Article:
Countering Cyber Criminals with Biometrics: The growth in online banking and electronic payments has made it easier for criminals to target banks and their customers and is prompting the financial services sector to invest in new security measures.
A problem banks face is that online fraud has grown as banking and financial services have become more anonymous and automated. Online banking takes away that personal relationship, forcing banks to rely on passwords and other electronic security measures. Unfortunately, passwords are easy to forget and also easy to crack.
Biometrics are, at least on paper, hard to hack, but also convenient to use. Coupled with smartphones with fingerprint readers or computers with webcams, they might not even need banks to give their customers additional hardware. Already, some banks allow their customers to authorise transactions with a fingerprint and fingerprints are also under consideration as a way to secure smartphone payments. Unfortunately for advocates of biometric security, as well as for banks’ anti-fraud departments, biometrics is neither completely secure, completely reliable nor as easy to set up as they might hope. Of the dozens of biometric security trials carried out by banks, only a handful have led to successful, large-scale deployments. The first challenge banks face is enrolling customers in biometric programmes.
The last few years have seen plenty of new biometric tools join fingerprints and iris recognition. These include advanced voice biometrics, and palm and finger vein readers, systems that read heartbeats, breath sounds, and even the way we write or type, a science known as “behavioral biometrics”. But to make these systems work, banks have to capture the customer’s biometric ID, as well as check they are who they claim to be. This process is time consuming, expensive and often disliked by customers. And biometrics, despite the way they are portrayed in science fiction or detective novels, are rarely completely accurate.
Factors as diverse as background noise to the sweatiness of a palm, can affect a biometrics’ accuracy. Banks have to decide whether to accept a lower score – and a higher risk of fraud – or a tougher biometric and the risk of inconveniencing genuine customers, and forcing them back to passwords or memorable words. It is even possible to fake some biometrics, such as smartphone fingerprint scanners, using little more than sticky tape and glue, warns Candid Wueest, a researcher at security firm Symantec. “That means you can unlock the device, unlock online banking and start a transaction,” he says. This means, at least in the short term, banks look set to use biometrics alongside other checks, such as background checks on transactions, smart cards or phones, and even the humble password. “It has to be seamless, but also allow the customer to keep control,” Accenture Technology Labs’ Emmanuel Viale concludes.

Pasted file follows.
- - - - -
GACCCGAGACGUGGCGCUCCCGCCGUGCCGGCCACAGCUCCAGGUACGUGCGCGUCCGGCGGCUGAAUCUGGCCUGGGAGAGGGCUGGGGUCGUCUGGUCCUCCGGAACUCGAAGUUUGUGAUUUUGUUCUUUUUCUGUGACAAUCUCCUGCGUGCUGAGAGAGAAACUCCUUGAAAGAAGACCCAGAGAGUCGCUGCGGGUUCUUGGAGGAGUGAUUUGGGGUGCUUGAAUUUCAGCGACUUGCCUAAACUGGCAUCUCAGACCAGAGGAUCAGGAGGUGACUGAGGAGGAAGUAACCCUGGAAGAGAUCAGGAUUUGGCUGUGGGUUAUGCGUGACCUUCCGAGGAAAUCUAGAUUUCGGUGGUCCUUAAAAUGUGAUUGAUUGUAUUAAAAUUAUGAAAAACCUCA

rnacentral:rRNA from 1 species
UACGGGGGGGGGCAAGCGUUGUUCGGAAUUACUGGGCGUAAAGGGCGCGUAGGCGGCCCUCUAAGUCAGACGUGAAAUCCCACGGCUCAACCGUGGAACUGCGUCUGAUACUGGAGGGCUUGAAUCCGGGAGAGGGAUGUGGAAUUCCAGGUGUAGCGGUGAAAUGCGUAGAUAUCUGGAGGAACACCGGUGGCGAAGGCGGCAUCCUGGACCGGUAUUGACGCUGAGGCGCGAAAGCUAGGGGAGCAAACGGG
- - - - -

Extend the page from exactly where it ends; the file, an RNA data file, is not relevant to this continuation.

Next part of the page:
PayPal is one of the best-known names in online payments and is used for thousands of transactions every day. But PayPal is also trying to build an offline payments business, for example by supplying card readers to small businesses and retailers. In addition, PayPal customers can use the company’s app to pay for goods and services, including meals at the Pizza Express chain. Last year, though, the company went a step further and added fingerprint approval to its app. The service was set up initially to work with selected Samsung smartphones and tablets because they have built-in fingerprint readers. The system is designed to replace user names and log-ins, otherwise, anyone wanting to pay by PayPal would have to remember their sometimes complicated computer-based PayPal credentials in a retail store.
The scheme was originally planned for roll out in 25 countries, and was supported by an authentication scheme called FIDO, which was also backed by Google, Microsoft and MasterCard. However, although other firms have since turned to smartphone fingerprint readers to authorise transactions, including Apple’s Apple Pay in the US, security researchers claim the fingerprint system on the Samsung S5 – the launch device for PayPal’s scheme – was allegedly easily hacked. Researchers were able to photograph a fingerprint on a user’s phone and create a false print to unlock the handset. However, given the sophisticated tools hackers would need to do this and that they would need to capture the user’s fingerprint in the first place, the risks to users could still be minimal.
Halifax, part of the Lloyds Banking Group, became one of the first companies to use customers’ heartbeats as a biometric identifier earlier this year. The bank has tested out a device called a Nymi band, to capture heartbeats and use them instead of PINs or passwords. The Nymi band is similar to wristbands worn by athletes to monitor their heart rate for sports training, but it has been developed specifically to create a heartbeat-based authentication system, which the company calls HeartID. This uses the customer’s electrocardiogram, or ECG, which is unique to each of us. The band itself communicates wirelessly with a computer, smartphone or other device.
Source: Cyber Security Intelligence